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How noisy is your computer?

Zalman quiet CPU cooler.

Zalman quiet CPU cooler.

Lounge room PCs should be seen but not heard.

Last week I wrote about my efforts to reduce my home electricity bill, paying particular attention to my media centre PC. Of course noise is the other main concern with a media centre, considering it’s chugging away in your lounge room night and day.

Building a quiet PC is another one of those projects on which you can spend spare change or thousands of dollars, depending on your budget and how fussy you are. If you don’t have unlimited funds you’ll need to prioritise. Fans are a good place to start.

Fans are the key source of noise coming from most computers, but you can’t just rip them all out. They’re a necessary evil to prevent overheating and instability. Some small PCs use a fanless design to keep down the noise, but rather than buy a new computer you could try replacing your current computer’s fans with quieter alternatives.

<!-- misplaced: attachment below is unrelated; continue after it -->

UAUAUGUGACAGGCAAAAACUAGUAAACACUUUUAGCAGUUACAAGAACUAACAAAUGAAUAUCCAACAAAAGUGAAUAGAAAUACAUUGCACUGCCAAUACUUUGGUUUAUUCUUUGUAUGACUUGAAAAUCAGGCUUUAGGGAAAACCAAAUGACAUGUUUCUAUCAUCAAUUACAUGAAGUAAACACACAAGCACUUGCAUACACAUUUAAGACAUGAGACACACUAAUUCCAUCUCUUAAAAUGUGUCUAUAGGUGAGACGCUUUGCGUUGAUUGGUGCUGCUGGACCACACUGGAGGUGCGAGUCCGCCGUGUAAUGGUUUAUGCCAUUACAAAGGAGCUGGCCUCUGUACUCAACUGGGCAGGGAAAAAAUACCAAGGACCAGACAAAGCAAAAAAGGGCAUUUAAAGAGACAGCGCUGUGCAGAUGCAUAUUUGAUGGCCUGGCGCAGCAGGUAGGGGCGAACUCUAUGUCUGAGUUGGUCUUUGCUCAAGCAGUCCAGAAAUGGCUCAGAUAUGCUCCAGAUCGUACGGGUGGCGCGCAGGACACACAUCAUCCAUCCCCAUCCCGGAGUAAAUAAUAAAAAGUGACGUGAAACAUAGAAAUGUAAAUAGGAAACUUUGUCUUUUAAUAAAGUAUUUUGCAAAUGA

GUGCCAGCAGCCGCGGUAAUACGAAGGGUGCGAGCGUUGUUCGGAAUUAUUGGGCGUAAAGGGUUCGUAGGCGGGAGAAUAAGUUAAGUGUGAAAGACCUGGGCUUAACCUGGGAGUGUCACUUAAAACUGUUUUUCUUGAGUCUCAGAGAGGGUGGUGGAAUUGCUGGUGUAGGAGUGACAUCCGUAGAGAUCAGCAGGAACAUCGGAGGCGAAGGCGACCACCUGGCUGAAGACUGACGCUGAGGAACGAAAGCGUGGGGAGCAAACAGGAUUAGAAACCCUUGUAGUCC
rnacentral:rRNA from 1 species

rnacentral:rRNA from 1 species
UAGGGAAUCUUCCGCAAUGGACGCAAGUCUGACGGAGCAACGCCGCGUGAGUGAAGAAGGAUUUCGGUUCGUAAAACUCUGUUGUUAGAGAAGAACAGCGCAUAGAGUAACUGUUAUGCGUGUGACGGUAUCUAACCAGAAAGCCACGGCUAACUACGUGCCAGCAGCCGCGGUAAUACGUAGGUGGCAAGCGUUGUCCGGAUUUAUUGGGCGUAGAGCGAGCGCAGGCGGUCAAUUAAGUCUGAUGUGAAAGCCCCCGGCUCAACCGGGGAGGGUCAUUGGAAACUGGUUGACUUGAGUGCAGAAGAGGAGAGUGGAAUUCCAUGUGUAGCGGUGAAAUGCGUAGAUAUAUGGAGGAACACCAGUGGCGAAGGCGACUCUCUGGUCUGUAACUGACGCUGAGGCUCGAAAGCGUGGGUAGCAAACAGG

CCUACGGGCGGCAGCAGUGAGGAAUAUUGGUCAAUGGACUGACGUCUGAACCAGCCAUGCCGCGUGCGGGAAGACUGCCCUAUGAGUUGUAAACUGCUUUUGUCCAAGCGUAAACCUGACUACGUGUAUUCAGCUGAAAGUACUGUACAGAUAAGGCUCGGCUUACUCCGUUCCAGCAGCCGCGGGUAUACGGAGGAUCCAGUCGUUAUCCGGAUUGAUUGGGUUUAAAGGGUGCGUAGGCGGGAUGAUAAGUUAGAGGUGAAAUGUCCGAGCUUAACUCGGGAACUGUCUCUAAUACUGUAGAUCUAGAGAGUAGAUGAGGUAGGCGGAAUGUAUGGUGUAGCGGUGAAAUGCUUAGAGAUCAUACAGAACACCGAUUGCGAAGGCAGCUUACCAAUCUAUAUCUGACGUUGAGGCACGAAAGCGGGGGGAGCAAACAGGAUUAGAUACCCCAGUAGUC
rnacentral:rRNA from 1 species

I designed my media centre with silent computing in mind, but thankfully it’s not hard to swap out noisy fans from an existing computer. Where possible look for fans with variable speed options. The slower a fan spins the quieter it is but the less air it moves. That’s why silent fans tend to be large, so they can spin slowly but still move a lot of air.

When building my media centre, my silent computing choices included;

- Antec TriCool case fans
- Zalman CNPS7500 CPU cooler
- Seasonic S12-430 power supply
- Gigabyte GeForce 8600 GTS fanless graphics card

Most of those models have been superseded, but they’re still a good place to start when investigating silent PC options. I’ve listed the least expensive options first, as spending a few dollars to upgrade your case fans is far more cost effective than buying a new power supply or graphics card.

Another way to get more bang for your buck is to improve the airflow in your case by tying down cables. This means the fans don’t have to work as hard.

Vibration is another source of computer noise and spending a few dollars on rubber washers for your hard drives and optical drives can make a big difference. You might also consider slipping something underneath the computer’s feet to stop vibrations passing into your home entertainment cabinet, or spending a few dollars on special feet designed to dampen vibrations.

What have you done to ensure your computer is seen but not heard?

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